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People board a plane chartered by the U.S. government at the airport in Kabul as they prepare to evacuate Afghanistan, Aug. 15, 2021.
People board a plane chartered by the U.S. government at the airport in Kabul as they prepare to evacuate Afghanistan, Aug. 15, 2021. (J.P Lawrence/Stars and Stripes)

WASHINGTON — An advocacy group that provides legal services to displaced people around the world filed multiple petitions for protection to the State Department on Wednesday to demand the United States evacuate all Afghans seeking special immigrant visas to safety regardless of the status of their applications.

The International Refugee Assistance Project filed one of the legal claims on behalf of all applicants in the Special Immigrant Visa Program and multiple others on behalf of specific individuals. The group said it marks the first time the State Department has been petitioned to carry out its legal duty under the Afghan Allies Protection Act.

The law requires the U.S. to protect all SIV applicants when they are in “imminent danger,” according to Becca Heller, the group’s executive director.

State Department officials said the U.S. has already evacuated 2,000 Afghans who worked with Americans as translators and interpreters during the 20-year war in Afghanistan. However, President Joe Biden’s administration has said up to 22,000 additional special visa applicants are expected to be evacuated.

But the International Refugee Assistance Project estimates the number of individuals with pending applications is more likely to be 100,000, which includes all the primary applicants for SIVs and their families. The group said the Biden administration does not intend to evacuate all of these individuals under Operation Allies Refuge, the Defense Department-led operation to airlift at-risk Afghans from Afghanistan.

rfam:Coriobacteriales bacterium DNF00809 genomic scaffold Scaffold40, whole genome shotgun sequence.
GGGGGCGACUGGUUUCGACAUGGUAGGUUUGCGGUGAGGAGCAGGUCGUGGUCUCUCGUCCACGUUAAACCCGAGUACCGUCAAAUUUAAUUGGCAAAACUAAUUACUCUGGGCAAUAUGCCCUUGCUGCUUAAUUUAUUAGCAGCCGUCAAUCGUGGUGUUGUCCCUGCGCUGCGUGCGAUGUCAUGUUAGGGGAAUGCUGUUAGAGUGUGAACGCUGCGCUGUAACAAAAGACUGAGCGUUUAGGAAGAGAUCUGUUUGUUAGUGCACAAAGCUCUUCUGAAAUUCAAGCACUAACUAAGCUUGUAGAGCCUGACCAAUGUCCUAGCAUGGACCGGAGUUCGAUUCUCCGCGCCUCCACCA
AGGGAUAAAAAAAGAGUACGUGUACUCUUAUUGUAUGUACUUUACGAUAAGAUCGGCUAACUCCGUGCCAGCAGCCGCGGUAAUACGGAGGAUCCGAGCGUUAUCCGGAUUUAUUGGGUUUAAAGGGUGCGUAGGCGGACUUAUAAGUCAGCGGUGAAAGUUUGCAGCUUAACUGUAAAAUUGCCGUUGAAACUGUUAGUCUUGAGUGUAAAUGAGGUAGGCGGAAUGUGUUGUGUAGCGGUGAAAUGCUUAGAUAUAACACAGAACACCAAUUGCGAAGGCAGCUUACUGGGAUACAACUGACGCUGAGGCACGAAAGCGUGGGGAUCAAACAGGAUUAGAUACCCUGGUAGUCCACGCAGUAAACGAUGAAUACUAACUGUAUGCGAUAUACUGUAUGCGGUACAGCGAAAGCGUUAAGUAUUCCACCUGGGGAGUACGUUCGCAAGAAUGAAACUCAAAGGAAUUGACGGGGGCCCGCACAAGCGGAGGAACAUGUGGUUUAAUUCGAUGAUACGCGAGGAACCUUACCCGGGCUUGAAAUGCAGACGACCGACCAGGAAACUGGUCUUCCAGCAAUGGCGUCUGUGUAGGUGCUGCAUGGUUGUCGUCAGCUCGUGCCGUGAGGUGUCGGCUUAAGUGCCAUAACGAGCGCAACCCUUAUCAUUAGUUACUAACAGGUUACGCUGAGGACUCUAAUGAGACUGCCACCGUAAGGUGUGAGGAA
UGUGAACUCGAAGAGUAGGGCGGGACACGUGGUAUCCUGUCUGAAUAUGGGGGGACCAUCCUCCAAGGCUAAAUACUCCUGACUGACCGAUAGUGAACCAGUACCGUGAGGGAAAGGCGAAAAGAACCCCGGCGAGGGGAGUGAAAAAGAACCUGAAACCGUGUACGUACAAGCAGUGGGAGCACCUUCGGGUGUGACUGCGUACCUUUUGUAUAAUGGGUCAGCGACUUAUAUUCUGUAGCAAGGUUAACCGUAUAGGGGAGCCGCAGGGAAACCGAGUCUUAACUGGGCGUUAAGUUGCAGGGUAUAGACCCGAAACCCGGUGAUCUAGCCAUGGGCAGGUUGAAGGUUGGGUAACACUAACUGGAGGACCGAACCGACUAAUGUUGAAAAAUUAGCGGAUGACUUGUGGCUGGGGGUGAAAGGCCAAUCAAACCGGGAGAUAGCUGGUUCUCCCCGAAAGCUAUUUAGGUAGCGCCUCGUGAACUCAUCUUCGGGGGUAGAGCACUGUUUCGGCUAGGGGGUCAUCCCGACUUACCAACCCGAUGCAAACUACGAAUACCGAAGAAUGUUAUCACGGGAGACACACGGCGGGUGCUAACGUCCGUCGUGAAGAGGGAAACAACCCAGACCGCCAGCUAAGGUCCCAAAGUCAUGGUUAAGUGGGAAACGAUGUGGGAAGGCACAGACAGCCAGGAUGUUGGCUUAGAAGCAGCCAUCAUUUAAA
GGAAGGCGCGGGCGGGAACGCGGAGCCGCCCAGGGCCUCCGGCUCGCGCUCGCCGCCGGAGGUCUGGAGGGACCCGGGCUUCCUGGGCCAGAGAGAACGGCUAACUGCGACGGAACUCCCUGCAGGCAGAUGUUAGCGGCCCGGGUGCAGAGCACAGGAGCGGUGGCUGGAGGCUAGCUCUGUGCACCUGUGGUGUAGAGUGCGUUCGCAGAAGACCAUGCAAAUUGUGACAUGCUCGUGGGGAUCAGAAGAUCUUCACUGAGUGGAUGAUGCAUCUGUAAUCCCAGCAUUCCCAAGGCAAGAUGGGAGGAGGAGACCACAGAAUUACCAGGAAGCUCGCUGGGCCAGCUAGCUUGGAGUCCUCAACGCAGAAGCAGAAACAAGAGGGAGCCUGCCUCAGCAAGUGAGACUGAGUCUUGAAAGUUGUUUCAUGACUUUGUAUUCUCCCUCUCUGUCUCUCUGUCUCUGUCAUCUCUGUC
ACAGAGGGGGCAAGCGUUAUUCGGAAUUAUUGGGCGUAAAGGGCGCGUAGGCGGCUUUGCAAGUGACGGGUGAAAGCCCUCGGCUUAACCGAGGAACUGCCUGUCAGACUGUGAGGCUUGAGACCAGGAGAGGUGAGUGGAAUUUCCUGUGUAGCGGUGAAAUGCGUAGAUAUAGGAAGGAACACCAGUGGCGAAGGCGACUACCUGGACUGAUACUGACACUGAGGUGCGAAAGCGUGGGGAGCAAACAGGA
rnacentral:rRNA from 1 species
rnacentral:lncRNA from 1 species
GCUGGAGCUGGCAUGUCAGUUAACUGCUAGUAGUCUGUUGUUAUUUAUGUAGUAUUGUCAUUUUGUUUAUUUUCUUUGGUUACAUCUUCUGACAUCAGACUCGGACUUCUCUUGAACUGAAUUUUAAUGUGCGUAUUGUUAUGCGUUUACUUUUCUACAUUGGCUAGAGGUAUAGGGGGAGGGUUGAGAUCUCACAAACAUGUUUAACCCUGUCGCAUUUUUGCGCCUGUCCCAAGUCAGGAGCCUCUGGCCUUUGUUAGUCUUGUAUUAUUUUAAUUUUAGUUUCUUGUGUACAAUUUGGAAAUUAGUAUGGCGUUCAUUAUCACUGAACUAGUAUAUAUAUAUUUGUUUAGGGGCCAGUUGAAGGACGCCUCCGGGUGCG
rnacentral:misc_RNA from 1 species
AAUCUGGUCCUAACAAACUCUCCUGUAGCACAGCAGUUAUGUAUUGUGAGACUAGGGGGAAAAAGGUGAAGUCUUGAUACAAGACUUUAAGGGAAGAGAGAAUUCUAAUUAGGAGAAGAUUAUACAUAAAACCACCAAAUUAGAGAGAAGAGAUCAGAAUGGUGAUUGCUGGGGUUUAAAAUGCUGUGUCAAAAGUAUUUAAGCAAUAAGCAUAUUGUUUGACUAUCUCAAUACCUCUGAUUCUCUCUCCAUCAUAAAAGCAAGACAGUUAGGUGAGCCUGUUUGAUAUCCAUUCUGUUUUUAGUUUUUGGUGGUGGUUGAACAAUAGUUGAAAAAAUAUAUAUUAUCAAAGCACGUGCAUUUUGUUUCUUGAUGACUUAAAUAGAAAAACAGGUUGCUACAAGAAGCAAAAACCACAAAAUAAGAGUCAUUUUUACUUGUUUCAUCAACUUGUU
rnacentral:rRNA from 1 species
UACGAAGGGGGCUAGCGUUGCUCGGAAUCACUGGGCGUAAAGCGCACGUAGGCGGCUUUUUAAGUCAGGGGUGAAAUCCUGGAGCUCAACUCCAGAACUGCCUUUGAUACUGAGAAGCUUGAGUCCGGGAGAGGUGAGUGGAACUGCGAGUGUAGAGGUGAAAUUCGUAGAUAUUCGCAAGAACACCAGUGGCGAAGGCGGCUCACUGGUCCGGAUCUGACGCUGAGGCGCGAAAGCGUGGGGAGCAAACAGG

"Tens of thousands of SIV applicants were left out of the first phase of Operation Allies Refuge — including a significant number of IRAP clients — because they had not yet received their visas or reached medical exams, which is the final stage of visa processing. For several reasons, we ask that the evacuation be expanded to include the SIV applicants who remain in Afghanistan," according to the petition for all applicants.

Members of the group said the State Department has justified evacuating a smaller number of applicants by only accepting people who have completed the first stage of the application process, which is often the most arduous and dysfunctional.

“[The administration] is blaming our own allies for their failure to have a functioning application process. And then using that as an excuse to argue that they shouldn't have to evacuate them. It's morally reprehensible,” Heller said during a teleconference with reporters to discuss the petitions.

The petitions come as the Taliban has taken control of Afghanistan and the Defense Department is attempting to boost evacuations from Kabul’s international airport to between 5,000 and 9,000 people from Afghanistan each day.